By STEVE HART
THE PRESS DEMOCRAT
Freight trains won’t return to Sonoma County next week after three environmental groups threatened legal action Wednesday to block service on the Northwestern Pacific Railroad.
The Humboldt County groups said train traffic violates environmental laws and threatens the wild and scenic Eel River.
The North Coast Railroad Authority, the public agency responsible for freight service, has no plans to operate trains along the Eel, but the environmental groups said the agency must consider effects on the river, which could see rail traffic to Eureka in the future.
“NCRA’s unwillingness to acknowledge the harm to communities and the environment that reopening the rail line will cause violates the public’s trust,” said Patty Clary of Californians for Alternatives to Toxics.
“Taxpayers shouldn’t have to shell out more money to support this railroad until they know the facts.”
Friends of the Eel River and the Environmental Protection Information Center also sent letters threatening to sue.
If the authority eventually reopens the railroad north of Willits, “it would be extremely damaging to the Eel River,” said Scott Greacen, director of Friends of the Eel.
The authority on Wednesday postponed final approval of the freight service after its attorney said he needs time to evaluate the legal threats.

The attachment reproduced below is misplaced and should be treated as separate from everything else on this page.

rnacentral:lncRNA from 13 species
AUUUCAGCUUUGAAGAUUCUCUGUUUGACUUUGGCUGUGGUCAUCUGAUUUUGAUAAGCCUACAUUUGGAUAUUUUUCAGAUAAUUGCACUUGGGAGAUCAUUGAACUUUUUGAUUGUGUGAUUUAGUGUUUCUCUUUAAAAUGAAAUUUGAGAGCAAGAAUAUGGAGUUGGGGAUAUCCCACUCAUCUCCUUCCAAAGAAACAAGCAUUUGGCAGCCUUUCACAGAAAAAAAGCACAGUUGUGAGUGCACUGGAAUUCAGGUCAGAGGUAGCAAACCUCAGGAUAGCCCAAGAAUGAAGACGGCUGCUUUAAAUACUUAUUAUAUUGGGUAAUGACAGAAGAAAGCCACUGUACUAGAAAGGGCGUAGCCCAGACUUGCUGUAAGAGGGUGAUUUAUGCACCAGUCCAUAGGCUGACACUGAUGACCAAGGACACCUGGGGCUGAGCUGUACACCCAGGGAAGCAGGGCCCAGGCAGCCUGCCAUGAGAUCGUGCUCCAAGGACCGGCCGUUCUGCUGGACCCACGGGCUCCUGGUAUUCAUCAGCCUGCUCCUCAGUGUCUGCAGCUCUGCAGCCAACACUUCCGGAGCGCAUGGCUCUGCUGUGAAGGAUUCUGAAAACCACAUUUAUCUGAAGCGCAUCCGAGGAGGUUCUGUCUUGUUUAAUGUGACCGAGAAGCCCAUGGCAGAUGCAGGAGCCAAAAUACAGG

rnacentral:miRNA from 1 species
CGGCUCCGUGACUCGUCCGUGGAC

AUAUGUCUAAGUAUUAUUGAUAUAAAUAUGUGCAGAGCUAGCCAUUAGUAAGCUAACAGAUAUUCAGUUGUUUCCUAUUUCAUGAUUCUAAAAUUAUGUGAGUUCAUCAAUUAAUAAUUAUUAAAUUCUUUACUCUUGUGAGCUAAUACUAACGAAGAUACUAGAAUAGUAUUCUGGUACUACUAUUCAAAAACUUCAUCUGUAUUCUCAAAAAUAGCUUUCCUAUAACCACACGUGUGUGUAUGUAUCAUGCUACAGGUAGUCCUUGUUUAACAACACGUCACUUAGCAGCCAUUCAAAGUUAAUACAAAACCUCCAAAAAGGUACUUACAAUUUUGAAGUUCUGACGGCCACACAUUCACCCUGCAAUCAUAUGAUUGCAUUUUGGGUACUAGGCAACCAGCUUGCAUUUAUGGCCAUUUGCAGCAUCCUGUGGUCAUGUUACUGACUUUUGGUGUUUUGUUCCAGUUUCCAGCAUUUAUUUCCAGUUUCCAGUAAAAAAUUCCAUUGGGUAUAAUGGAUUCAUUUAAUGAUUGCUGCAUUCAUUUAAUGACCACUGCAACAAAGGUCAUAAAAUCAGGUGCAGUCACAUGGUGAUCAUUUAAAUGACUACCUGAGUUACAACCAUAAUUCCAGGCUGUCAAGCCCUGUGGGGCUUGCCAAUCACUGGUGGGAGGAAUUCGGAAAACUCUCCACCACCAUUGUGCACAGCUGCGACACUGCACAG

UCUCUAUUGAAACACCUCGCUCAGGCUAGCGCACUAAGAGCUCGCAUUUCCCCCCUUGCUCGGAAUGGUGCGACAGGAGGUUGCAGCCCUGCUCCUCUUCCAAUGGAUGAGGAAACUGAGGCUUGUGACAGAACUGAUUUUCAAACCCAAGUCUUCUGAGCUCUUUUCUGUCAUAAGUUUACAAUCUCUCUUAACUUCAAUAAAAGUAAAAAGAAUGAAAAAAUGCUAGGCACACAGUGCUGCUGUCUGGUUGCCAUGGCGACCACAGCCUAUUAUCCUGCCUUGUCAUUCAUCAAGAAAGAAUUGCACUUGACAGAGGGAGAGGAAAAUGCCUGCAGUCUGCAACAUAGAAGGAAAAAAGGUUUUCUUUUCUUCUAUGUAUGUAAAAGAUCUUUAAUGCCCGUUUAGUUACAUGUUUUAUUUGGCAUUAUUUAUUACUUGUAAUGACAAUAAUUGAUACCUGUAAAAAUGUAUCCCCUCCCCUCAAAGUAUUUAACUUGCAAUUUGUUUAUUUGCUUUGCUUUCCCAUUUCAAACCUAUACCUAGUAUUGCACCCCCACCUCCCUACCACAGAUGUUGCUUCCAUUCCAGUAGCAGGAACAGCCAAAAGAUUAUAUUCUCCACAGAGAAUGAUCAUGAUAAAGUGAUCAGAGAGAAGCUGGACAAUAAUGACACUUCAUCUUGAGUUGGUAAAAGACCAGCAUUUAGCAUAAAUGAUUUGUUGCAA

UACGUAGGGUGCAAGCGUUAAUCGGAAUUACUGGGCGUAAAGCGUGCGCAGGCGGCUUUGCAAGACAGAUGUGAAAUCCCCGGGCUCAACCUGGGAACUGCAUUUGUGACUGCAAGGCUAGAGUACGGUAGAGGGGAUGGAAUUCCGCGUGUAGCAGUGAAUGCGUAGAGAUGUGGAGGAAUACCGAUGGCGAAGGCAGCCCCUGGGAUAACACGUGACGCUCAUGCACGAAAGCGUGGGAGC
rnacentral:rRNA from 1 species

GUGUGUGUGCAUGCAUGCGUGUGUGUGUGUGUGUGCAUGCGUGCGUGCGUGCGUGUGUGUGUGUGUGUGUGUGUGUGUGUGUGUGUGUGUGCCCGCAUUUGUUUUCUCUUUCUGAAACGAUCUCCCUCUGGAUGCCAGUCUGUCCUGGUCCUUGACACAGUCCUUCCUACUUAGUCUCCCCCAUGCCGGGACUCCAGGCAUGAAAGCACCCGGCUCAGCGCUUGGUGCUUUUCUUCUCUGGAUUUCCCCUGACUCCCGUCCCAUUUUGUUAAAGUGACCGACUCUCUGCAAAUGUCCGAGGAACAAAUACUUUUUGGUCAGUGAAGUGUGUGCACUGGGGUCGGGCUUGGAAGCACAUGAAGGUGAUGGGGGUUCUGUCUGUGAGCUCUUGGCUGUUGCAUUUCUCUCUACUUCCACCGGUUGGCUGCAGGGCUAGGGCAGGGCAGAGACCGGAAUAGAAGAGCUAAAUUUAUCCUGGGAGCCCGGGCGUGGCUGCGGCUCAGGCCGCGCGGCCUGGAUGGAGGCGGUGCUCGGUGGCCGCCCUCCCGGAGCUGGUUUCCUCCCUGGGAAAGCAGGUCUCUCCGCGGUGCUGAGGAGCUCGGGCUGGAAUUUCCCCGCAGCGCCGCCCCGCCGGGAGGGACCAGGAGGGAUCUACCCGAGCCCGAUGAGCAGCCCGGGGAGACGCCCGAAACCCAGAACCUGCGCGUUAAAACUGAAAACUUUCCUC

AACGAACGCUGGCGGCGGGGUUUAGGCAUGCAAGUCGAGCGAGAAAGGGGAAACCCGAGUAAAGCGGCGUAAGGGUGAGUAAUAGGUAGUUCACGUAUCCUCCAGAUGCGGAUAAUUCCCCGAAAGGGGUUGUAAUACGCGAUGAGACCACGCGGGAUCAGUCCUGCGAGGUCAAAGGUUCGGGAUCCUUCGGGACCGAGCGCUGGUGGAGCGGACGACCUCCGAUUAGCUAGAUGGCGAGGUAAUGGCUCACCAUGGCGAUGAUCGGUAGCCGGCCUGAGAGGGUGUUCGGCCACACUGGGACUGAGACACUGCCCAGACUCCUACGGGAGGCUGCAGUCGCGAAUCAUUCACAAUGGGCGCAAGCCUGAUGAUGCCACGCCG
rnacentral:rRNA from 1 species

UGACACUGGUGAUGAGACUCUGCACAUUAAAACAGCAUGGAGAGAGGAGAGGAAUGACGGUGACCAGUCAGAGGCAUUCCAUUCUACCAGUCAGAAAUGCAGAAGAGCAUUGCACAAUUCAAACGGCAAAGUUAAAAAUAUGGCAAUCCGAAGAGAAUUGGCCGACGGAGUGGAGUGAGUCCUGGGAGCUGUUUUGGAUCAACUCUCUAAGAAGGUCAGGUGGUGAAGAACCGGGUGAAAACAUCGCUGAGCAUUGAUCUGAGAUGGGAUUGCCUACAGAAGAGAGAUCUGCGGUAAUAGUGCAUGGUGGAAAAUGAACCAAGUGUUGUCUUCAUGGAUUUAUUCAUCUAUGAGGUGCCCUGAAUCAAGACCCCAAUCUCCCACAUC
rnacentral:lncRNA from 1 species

“We believe it’s the prudent thing to do,” said attorney Chris Neary.
Freight trains were scheduled to return as soon as next week to a 62-mile stretch of the rail line between Napa County and Windsor.
In May, federal rail regulators lifted an embargo on train traffic over the segment, closed since 2001 because of storm damage.
On Wednesday, the authority was to approve a joint operating agreement with Sonoma-Marin Area Rail Transit, which has plans for commuter service on the route. It also was expected to approve a final settlement with Novato, which sued over the freight project in 2007.
The authority was expected to certify an environmental report on freight service next week, the last step before trains can roll. But those actions are now on hold until at least June 20 when the authority meets again.
The environmental groups said the authority failed to clean up toxic sites and ignored other damaging effects of freight traffic. They said they will sue if the authority begins rail service without addressing their claims.